Easy Guide to Understanding Food Labels When You Have Metabolic Syndrome

By 8th October 2020 October 19th, 2020 No Comments

If you have been told by your doctor that you have metabolic syndrome, it means that you have at least three of the following conditions:

Source: National Skin Centre

Metabolic syndrome (MS) refers to a cluster of metabolic abnormalities that increase your risks of developing various chronic diseases, such as heart disease and type 2 diabetes. A significant area you can do to prevent or reverse MS is by changing your diet to a healthier one, and to lose weight if you are overweight.

Many of these “healthy” and “100% natural” products can be high in calories, salt, fat and sugar.

A nutritionally balanced diet while keeping minimal intake of saturated fat, trans fat, sodium (salt) and added sugars is recommended. Generally, people eat enough of these and for some, even too much. Instead, choose healthier unsaturated fats and oils in moderate amounts, and consume minimally processed foods (as close to its original forms in nature) as much as possible.

Food labels tell you what is in the food and drinks you are consuming. Every packaged and processed product should have a food label to help you determine its nutrition content. The food labels can help you sieve through misleading claims, shop faster and make better food choices to lower your health risks.

So what do we look out for when buying pre-packaged foods?

Ignore the claims on the packaging

Source: Mather Hospital

Many people base their purchase on the claims manufacturers print on their packaging. Did you know that many of these “low-fat” and ‘lite’ products can be high in fat, sugar, calories and salt, and these in excess can lead to hunger, weight gain and disease? “100% natural” can also contain a lot of sugar, salt and fat – all of which are natural ingredients.

Claims stated by the manufacturers often don’t tell you the whole story. In fact, these health and nutrient can be nutritionally meaningless and misleading.

Another example is the “no added sugar” claim – which does not necessarily mean the product has absolutely no sugar. It just means no extra sugar added to the product during manufacturing. However, the ingredients used can already be naturally high in sugars, such as in canned fruits and fruit juices.

Never evaluate a product based on the claims on the packaging, and never on a single nutrient or by calories alone.

Read the nutrition information panel

Source: Food Navigator

1. Choose products low in saturated fat, trans fat and sodium

Excessive fat and calories in the diet can contribute to weight gain and increase the risk of developing chronic illnesses. When shopping for food, use the nutrition information panel to compare and choose products with lower fat, saturated fat and Sodium content.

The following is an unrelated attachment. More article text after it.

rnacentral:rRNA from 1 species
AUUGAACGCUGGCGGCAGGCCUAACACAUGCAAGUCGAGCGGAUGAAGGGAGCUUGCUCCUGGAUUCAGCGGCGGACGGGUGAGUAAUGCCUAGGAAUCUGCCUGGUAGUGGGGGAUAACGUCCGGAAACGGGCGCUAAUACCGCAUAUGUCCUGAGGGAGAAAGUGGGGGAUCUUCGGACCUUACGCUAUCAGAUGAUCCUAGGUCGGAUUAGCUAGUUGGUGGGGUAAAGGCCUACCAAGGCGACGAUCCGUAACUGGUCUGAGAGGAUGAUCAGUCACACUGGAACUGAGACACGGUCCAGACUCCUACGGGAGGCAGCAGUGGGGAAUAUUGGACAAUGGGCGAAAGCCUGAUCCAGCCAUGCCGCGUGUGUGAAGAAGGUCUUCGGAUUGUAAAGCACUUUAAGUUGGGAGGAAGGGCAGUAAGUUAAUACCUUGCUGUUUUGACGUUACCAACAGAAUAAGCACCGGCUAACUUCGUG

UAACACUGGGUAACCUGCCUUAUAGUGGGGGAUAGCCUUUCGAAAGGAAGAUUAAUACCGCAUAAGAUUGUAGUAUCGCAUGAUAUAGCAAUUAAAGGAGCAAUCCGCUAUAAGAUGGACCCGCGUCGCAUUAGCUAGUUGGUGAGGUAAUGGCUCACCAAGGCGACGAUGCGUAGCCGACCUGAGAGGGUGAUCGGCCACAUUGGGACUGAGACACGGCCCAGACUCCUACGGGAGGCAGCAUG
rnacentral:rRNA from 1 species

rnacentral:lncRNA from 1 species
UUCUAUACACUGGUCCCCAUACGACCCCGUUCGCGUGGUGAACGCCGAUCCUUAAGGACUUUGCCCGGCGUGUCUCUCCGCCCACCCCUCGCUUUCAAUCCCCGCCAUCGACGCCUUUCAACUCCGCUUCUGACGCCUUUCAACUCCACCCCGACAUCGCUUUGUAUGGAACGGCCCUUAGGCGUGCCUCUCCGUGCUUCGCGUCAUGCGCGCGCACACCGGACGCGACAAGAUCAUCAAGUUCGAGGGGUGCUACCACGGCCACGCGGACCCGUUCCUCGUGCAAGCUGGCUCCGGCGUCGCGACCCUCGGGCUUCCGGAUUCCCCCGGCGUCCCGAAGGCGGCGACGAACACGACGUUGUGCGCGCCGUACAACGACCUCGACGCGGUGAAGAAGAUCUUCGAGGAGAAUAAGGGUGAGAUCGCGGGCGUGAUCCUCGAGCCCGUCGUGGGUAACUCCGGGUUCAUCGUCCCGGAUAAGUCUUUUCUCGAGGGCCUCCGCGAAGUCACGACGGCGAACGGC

Use the same reference amount (e.g. sodium content per 100g) when comparing products. Choose products with lower sodium, saturated fat and trans fat more often. 

Some pre-packaged foods are high in sodium (e.g. chips, salted nuts, smoked fish and meat). Others are high in saturated fat (e.g. cured meats, sausages); and trans fat (e.g. biscuits, margarine). Both saturated and trans fat increase bad cholesterol in blood, while trans fat also reduces the good cholesterol.

The goal is to choose foods that are lower in these nutrients, and ideally 0 grams of trans fat.

Keep in mind that manufacturers can list their products as 0 grams if it has less than 0.5 grams of trans fat per serving, and claim it ‘trans-fat free’. This means that your food may contain trans fat even if food label says 0 gram. Therefore check the ingredient list (more on this later).

2. Look for higher monounsaturated fat and omega-3 content

Dietary guidelines from various countries are recommending that when monounsaturated fats are eaten in moderation, and consumed in place of saturated or trans fat, can have a beneficial effect in reducing total and LDL cholesterol levels in the blood. These good fats are found in olive oil, canola oil, and (unsalted) nuts.

Omega-3 are essential fatty acids beneficial to our heart health. It reduces blood clotting in arteries and protects against hardening of the arteries. Good sources of this include oily fish, walnut and chia seeds.

3. Check serving size and number of servings per package

Source: HealthHub

Using the above nutrition information panel as an example. The Per Serving column tells you how much nutrients you will get in per serving in which the amount is determined by the manufacturer.

Some suggested serving size can be smaller than what people generally might consume, so pay attention to the serving size and number of servings in that package, and compare it to how much you’re actually eating. Does the amount of food reflect the quantity you would usually have?

To easily compare information across 2 or more products, use the Per 100g column, which tells you how much nutrients you will get in 100 grams of the product.

Always check the ingredient list

Source: WordPress

Claims can be sneaky, but the ingredient list will list out the true contents of what is actually in the food or drink product.

The ingredient list shows the ingredients used in the largest to the smallest amount by weight. The ingredient list is especially useful to check if the product contains trans fat and hidden sugars.

For instance, some manufacturers may claim “trans fat free” on its packaging but if you see “vegetable fat”, “lard”, “margarine”, “shortening”, “hydrogenated”, “partially hydrogenated” vegetable oil in the ingredient list, you’ll be sure that these ingredients will still cause your arteries to clog as trans fat do.

Food containing trans fat is found in many processed and ultra-processed items such as 3-in-1 beverages, ‘creamy’ and ‘cheesy’ foods, fried foods, snack foods; baked goods such as pastries, cakes and cookies; products made with vegetable shortening, hydrogenated or partially hydrogenated oils;  and margarine. Limit these products.